In the Woods comes with a ton of expectations. With an Edgar award, a Macavity Award, an Irish Book Award, and the Strand’s award for best first novel, I cracked this book open prepared to be blown away. You would think a let-down was imminent, but instead I was up way past my bedtime two nights in a row, desperate to finish the novel but dreading not having any more to read. Good news on both fronts: the end was satisfying, a sequel was released this summer, and Tana’s publicist informs me that she is hard at work on a third. Not only was I satisfied, I get to go back for more!
Pure police procedural, In the Woods introduces us to detective Rob Ryan and his new partner, Cassie Maddox. The two young detectives land a big murder case outside of Dublin, but there are complications. The body of a twelve-year-old girl was found in the neighborhood that Ryan grew up in. The neighborhood he and his parents fled when he suffered a tragic experience of his own, back when HE was twelve years old. This new case forces him to confront a past he can hardly remember, with a conflict of interest that threatens his objectivity, his sanity, his friends and family, and maybe even his profession.
The detective duo cliche is mixed up a tad with the inclusion of a third detective, when the scope of the case becomes apparent. The relationship between Rob and Cassie is uniquely platonic, crushing another mystery novel cliche. And somehow their bond is the more powerful for it, an idea Tana captures in the following passage:
The girls I dream of are the gentle ones, wistful by high windows or singing sweet old songs at a piano, long hair drifting, tender as apple blossom. But a girl who goes into battle beside you and keeps your back is a different thing, a thing to make you shiver. Think of the first time you slept with someone, or the first time you fell in love: that blinding explosion that left you crackling to the fingertips with electricity, initiated and transformed. I tell you that was nothing, nothing at all, beside the power of putting your lives, simply and daily, into each other’s hands.
It is the wonderful bond that Tana creates in her first novel that makes this book rise above the rest. And it is the tension the reader experiences, as that bond is tested, stretched, and tearing that makes it impossible to put down.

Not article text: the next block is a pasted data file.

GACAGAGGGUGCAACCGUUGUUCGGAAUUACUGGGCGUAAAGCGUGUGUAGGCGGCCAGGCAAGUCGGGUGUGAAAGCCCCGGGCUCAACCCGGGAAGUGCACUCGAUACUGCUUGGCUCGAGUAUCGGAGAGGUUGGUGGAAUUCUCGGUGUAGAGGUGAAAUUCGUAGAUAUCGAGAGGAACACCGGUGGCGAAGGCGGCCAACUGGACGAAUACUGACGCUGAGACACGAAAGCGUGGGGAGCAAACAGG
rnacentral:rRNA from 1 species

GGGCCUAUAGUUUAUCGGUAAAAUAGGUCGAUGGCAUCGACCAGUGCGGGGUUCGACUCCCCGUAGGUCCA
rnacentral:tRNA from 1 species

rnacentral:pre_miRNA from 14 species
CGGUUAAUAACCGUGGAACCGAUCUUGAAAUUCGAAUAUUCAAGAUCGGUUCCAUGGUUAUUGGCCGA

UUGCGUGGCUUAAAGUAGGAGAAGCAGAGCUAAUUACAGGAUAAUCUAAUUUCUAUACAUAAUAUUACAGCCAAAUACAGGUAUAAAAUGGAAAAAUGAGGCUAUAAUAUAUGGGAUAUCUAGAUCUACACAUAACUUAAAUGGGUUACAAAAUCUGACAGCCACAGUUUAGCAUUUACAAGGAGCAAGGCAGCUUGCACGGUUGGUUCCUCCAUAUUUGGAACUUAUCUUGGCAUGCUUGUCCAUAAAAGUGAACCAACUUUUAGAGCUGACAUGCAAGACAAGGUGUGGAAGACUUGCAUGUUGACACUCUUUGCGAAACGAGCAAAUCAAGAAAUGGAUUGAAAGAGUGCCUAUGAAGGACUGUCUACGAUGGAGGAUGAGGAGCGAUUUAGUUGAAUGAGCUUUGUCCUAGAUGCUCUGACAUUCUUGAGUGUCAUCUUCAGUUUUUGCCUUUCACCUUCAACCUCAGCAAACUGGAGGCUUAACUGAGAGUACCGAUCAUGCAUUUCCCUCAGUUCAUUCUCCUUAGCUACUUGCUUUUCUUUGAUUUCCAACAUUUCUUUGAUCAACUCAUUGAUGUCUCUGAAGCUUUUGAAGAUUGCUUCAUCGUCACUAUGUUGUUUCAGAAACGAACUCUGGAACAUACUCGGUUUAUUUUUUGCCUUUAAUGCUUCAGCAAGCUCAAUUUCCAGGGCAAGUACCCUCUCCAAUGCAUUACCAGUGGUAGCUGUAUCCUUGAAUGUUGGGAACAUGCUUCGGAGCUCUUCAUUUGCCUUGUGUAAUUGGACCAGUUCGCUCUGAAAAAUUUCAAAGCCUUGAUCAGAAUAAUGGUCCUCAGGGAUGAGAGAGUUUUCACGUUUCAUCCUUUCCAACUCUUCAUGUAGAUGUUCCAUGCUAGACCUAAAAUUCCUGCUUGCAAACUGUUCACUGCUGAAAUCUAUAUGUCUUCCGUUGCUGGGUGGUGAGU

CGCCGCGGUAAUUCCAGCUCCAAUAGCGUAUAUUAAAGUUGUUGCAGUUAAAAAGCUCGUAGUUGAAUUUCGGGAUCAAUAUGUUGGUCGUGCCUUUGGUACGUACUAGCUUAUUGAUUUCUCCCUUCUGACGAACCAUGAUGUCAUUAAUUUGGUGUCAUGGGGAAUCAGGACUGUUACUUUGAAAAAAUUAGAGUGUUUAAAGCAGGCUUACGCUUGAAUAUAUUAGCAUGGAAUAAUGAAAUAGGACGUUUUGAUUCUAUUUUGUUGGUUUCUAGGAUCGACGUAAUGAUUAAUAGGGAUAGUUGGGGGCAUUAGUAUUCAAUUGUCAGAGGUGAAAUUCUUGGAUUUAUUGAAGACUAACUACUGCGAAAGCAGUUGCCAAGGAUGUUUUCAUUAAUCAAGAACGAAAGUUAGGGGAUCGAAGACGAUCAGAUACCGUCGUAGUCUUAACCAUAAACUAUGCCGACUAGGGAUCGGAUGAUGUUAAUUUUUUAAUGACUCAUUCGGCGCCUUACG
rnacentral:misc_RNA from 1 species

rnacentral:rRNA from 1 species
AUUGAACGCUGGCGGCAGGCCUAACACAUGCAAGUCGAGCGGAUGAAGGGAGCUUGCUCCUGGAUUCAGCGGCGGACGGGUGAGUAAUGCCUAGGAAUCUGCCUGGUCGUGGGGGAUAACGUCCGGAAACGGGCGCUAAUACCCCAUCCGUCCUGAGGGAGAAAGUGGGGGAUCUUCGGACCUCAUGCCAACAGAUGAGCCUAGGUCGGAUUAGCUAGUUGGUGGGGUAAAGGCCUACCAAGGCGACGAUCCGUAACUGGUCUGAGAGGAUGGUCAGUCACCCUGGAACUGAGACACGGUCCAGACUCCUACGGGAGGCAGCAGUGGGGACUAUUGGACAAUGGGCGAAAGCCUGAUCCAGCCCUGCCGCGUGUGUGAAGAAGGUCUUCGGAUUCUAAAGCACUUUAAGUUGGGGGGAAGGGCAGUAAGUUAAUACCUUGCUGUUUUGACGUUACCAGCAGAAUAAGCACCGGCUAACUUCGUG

One of the other things that Tana does well is take the reader even further behind the scenes of police procedures than normal. It aggravates me when characters in movies seem to never require bathing, never take a shit, and run for a week with perhaps a single, romantic meal. In the Woods absorbs you because the trifling details are sprinkled in with the rest. The reader really comes away with a sense of what is involved in solving a murder, and the true testament to Tana’s skill is that the boring bits aren’t ignored, while her description of them is anything but dull.
I’m a realism junkie, so these qualities draw me in deep. And even though the book scared me sometimes by flirting with the metaphysical, it always remained grounded and real. The characters were distinct from one another and incredibly dynamic. At the end of 400 pages, you are not dealing with the same individuals you were introduced to. Some of them soften, some harden, and some learn things about themselves and the world they live in that causes irreparable damage. It is a journey that sweeps the reader along and, I daresay, caused some change in myself, some insights that I may have to grapple with long after the book has been closed.
If you are sensing that yet another of my reviews is going to end up with a perfect score, thus calling into question the worth of my judgment as a reviewer, you are right and wrong. I can’t help it that I’m tossing “heads” so many times in a row, and trust me, you will miss these days when everything is coming up “ass”. In the Woods is indeed going to get my highest rating and loud recommendation, but I have an excuse. Really.
You see, I have this little theory about Tana French. Several of her characters betray autobiographical secrets. I suspect that Tana French is a literature nut, has devoured the classics, worships Shakespeare, and reads and writes poetry in unhealthy doses. I suspect this because, in order to explain her many allusions to the classics, she has had to infuse a passion for books in several of her characters. Since the work is told in first-person there was no other way for her to work in all the geeky literature knowledge she wanted to without giving some of her own predilections away.
She couples these tastes with an astounding vocabulary and a descriptive ability that should not have been wasted on our favorite genre. And here, I admit, is the reason that this book gets five stars from me: I could not read “In the Woods” without thinking that we should have lost this brilliant mystery writer to the snobby ranks of Pulitzer fiction. I don’t know what old films, or serialized TV show, or set of pulp books hooked her into our genre, but we owe that early experience our thanks. Writing as good as this will spoil you. It makes reaching for my next read, normally the highlight of my week, painful.
Grab a copy of this one and look forward to a review of her second book, The Likeness in the future. If she remains consistent, Tana French is going to be a star. Be sure to check out our interview with Tana French here.